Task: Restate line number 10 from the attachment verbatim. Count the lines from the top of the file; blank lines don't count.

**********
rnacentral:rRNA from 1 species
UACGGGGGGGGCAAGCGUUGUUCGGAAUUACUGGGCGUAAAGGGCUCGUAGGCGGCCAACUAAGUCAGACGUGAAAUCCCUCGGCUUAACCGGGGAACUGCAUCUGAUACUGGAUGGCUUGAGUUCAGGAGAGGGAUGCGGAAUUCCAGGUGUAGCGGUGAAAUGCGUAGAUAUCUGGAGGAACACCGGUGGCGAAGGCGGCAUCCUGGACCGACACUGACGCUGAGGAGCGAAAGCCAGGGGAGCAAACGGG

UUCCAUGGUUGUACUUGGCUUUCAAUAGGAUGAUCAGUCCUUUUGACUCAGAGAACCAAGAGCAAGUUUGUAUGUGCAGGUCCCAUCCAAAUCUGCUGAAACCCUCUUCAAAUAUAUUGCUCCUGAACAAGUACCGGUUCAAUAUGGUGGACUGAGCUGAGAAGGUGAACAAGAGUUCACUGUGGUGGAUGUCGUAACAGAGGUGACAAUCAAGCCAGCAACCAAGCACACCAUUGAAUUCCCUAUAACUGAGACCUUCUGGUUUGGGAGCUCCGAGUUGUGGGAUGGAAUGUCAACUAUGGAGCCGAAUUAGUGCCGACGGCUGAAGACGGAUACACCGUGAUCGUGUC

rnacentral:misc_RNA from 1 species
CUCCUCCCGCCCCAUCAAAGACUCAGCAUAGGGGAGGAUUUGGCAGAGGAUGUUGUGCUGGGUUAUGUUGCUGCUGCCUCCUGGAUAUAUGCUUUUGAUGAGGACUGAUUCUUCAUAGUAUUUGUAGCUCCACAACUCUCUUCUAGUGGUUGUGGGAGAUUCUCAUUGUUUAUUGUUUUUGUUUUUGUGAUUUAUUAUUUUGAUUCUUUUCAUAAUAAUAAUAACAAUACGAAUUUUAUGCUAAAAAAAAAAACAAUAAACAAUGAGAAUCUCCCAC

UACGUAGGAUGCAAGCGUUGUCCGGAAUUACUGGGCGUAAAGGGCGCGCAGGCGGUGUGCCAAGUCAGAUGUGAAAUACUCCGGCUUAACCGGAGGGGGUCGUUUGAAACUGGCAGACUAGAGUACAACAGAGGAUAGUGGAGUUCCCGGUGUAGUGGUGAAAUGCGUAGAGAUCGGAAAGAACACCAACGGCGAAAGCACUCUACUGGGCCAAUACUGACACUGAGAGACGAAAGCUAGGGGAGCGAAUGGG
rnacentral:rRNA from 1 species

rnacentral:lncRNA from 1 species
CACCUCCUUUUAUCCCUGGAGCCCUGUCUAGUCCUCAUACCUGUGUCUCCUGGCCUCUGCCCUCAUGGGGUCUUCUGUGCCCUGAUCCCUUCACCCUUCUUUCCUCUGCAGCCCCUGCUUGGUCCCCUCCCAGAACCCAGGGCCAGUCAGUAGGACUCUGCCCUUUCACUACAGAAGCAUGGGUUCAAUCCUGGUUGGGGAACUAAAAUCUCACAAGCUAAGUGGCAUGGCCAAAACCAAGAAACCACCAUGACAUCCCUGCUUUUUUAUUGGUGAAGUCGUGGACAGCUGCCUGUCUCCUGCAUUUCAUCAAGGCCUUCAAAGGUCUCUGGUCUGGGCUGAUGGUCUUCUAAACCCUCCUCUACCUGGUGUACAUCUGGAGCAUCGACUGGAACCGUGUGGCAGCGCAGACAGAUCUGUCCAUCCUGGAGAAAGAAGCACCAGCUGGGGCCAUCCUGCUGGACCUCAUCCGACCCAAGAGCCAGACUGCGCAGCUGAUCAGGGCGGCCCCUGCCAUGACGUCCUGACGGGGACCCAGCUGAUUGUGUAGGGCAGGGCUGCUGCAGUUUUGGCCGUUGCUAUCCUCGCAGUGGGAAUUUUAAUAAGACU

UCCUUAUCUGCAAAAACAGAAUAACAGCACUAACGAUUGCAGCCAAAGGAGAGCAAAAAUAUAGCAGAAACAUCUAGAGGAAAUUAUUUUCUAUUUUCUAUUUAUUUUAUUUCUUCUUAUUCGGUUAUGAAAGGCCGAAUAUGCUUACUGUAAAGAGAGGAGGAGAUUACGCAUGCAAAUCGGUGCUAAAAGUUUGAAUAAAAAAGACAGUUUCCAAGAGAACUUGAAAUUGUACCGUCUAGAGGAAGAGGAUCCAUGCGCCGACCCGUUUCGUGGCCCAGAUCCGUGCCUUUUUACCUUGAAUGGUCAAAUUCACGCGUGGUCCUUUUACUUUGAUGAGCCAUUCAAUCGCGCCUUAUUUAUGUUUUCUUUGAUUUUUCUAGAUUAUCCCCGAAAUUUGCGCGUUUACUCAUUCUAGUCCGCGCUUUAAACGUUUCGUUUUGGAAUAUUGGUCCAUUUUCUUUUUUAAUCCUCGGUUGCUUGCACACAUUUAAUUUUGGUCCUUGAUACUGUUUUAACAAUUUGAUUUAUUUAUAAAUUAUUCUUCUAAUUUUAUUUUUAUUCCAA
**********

UCCUUAUCUGCAAAAACAGAAUAACAGCACUAACGAUUGCAGCCAAAGGAGAGCAAAAAUAUAGCAGAAACAUCUAGAGGAAAUUAUUUUCUAUUUUCUAUUUAUUUUAUUUCUUCUUAUUCGGUUAUGAAAGGCCGAAUAUGCUUACUGUAAAGAGAGGAGGAGAUUACGCAUGCAAAUCGGUGCUAAAAGUUUGAAUAAAAAAGACAGUUUCCAAGAGAACUUGAAAUUGUACCGUCUAGAGGAAGAGGAUCCAUGCGCCGACCCGUUUCGUGGCCCAGAUCCGUGCCUUUUUACCUUGAAUGGUCAAAUUCACGCGUGGUCCUUUUACUUUGAUGAGCCAUUCAAUCGCGCCUUAUUUAUGUUUUCUUUGAUUUUUCUAGAUUAUCCCCGAAAUUUGCGCGUUUACUCAUUCUAGUCCGCGCUUUAAACGUUUCGUUUUGGAAUAUUGGUCCAUUUUCUUUUUUAAUCCUCGGUUGCUUGCACACAUUUAAUUUUGGUCCUUGAUACUGUUUUAACAAUUUGAUUUAUUUAUAAAUUAUUCUUCUAAUUUUAUUUUUAUUCCAA